Mostly met with a degree of paranoia among the media, crypto currencies have developed a reputation of being the preserve of cyber criminals and money launderers. This is one of the factors which has limited widespread adoption among the general public.
There is no denying that crypto currencies carry risk. There is always risk with new technology - the internet, for example, suffered from a lack of trust in the 90s. Crypto currency, however, is a new technology that has a lot more potential than just paying for items. By mitigating the risks and overcoming perceptions organisation could use the new technology in a wide range of business contexts.
While there are over one hundred crypto currency variants, it is the underlying technology that we are focussing on. The blockchain, a peer-to-peer protocol using cryptography, underpins the trust in Bitcoin payments and the many other currency variants. Aside from enabling payments, there are numerous other ways in which this technology could be used that you may not have realised. Here are seven of them:
1. Create an electronic contract
The blockchain can be used to set up a contract between multiple parties in a way that they do not need to trust each other nor a third party. A blockchain contract can be configured to only release the funds when certain conditions of the agreement are met. For example, you might wish to take a deposit for accidental damage to a loaned item. The deposit is only returned when both parties use their cryptographic keys to complete the transaction; neither can access the funds on their own.
2. Loan your property
You could loan out your property using blockchain contracts. In the same way that a pin locks your phone and a car immobilizer prevents theft, many devices can be modified to seek authorisation for use. Access to the function of the 'Smart Property', as it is known, can be controlled by a blockchain contract. This allows many different types of items, physical or virtual, to be shared with greater control over their use.
Blockchain tagging allows you to include, with your payment, a short message and a web link. Some companies have been using this to advertise their products by sending crypto coins to random addresses. Clearly, there is a fine line between spam and a legitimate advertisement, but at least the recipient would be paid.
4. Make money or help to cure diseases
By lending your computer processing power to a blockchain infrastructure, you can be rewarded in crypto currency payments. Otherwise known as Mining, the margins are dependent on the cost of electricity and can be slim. Alternatively, instead of a financial reward, some blockchain infrastructure projects are created to support a good cause. The distributed computing power can be used, for example, to help solve complex simulations of diseases.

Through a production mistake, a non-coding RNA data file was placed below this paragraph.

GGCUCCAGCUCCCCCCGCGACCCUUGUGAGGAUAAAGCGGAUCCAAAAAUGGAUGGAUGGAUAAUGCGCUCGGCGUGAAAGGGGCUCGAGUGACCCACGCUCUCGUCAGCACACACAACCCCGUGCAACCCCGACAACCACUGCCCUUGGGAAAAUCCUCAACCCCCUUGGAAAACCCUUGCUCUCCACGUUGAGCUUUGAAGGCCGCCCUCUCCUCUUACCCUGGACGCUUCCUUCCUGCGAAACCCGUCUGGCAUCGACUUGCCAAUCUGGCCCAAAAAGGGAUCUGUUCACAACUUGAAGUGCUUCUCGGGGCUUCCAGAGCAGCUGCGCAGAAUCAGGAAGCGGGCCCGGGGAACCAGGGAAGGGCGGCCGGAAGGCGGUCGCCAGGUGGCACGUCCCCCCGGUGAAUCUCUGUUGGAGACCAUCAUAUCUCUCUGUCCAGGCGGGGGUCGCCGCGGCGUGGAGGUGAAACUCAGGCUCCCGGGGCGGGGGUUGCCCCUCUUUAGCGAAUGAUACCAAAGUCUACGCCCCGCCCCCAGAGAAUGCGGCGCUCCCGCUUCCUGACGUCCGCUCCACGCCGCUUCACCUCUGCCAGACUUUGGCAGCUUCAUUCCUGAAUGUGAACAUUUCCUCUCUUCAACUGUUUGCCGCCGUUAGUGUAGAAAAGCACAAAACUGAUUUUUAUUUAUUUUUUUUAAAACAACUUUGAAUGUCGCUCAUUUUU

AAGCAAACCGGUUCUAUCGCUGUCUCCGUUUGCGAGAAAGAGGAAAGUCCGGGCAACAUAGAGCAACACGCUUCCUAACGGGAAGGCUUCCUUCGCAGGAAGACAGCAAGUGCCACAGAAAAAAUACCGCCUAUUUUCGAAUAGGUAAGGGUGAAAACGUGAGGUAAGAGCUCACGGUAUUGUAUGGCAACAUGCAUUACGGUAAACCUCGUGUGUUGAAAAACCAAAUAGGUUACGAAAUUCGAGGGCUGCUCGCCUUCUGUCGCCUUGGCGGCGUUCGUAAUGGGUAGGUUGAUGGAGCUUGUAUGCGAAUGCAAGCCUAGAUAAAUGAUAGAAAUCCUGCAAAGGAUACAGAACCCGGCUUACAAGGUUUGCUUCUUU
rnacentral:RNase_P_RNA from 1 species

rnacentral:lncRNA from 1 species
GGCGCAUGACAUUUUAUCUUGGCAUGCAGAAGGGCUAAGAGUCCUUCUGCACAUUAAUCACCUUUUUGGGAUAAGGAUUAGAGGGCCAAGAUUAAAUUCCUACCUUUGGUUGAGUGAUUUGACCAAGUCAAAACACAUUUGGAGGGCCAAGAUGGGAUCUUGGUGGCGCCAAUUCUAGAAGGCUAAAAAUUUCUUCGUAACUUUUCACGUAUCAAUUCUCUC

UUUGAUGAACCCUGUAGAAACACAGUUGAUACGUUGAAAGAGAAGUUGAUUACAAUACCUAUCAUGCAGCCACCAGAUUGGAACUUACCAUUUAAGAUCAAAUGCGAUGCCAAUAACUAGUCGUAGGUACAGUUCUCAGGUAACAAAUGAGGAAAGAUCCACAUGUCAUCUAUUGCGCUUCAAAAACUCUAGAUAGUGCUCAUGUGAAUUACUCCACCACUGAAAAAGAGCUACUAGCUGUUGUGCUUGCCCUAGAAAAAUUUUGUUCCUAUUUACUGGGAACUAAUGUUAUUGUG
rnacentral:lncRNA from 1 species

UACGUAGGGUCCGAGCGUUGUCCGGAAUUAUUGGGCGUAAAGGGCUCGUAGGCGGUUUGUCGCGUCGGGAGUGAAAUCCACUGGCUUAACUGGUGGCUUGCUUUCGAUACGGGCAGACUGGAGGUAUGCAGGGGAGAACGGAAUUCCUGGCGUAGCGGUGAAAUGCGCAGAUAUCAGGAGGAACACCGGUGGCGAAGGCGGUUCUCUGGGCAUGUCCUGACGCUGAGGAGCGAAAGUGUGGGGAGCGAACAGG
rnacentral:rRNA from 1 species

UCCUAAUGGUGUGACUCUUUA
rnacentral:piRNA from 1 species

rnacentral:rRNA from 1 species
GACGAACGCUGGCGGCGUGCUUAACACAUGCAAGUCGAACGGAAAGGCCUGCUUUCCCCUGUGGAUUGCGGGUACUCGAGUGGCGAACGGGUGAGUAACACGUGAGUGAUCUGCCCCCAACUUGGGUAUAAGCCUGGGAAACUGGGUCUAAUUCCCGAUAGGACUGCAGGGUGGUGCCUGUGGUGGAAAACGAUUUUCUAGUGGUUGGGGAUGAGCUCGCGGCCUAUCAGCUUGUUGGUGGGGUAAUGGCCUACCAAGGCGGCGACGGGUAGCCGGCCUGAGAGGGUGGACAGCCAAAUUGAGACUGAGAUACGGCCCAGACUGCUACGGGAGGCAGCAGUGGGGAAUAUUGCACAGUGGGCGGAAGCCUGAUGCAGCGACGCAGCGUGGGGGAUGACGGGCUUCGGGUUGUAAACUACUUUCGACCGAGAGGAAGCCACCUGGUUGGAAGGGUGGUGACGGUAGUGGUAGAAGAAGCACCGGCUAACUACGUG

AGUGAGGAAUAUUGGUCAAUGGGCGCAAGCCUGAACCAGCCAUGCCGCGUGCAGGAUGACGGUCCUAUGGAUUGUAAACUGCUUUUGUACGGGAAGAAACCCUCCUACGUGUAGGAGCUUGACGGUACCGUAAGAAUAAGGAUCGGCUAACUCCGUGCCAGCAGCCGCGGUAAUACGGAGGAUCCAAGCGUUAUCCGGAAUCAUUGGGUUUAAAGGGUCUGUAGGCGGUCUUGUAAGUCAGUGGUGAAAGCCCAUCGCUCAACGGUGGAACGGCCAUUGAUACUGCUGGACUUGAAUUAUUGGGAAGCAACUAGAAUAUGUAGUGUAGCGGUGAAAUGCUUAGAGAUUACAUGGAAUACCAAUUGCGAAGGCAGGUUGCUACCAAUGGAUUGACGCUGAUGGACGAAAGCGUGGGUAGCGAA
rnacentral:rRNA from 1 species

5.Launch your own currency
Blockchain technology was invented over six years ago as an open source project and, over time, has been refined by many programmers. With the addition of new features, crypto currencies can be marked or tagged. This feature allows you to create your own redeemable currency using existing blockchain infrastructure. Having your own currency is like issuing credit vouchers and can give greater control over how the funds are used.
Money transfer services, such as online or mobile payments, have gained in popularity over the last decade. The cost of transferring funds using blockchain technology is currently very low. By contrast, a wire transfer charge can be a few percent of the total sent. As one example, the cost of transferring $81m was just 4 cents and was completed in less than 20 minutes using the blockchain.
Using blockchain technology to pay your employees in crypto currency may seem far-fetched, nonetheless, large crypto currency exchanges are already doing just that. Paying your employees virtually introduces the possibly of more frequent daily or even real-time payments. Not all employees will opt in straight away, but over time as crypto currency becomes a trusted medium, you may one day find yourself being paid in crypto coins.
In December last year PwC welcomed the opportunity to respond to HM Treasury's call for information, which invited views on the benefits and risks of digital currencies. You can read the response here.
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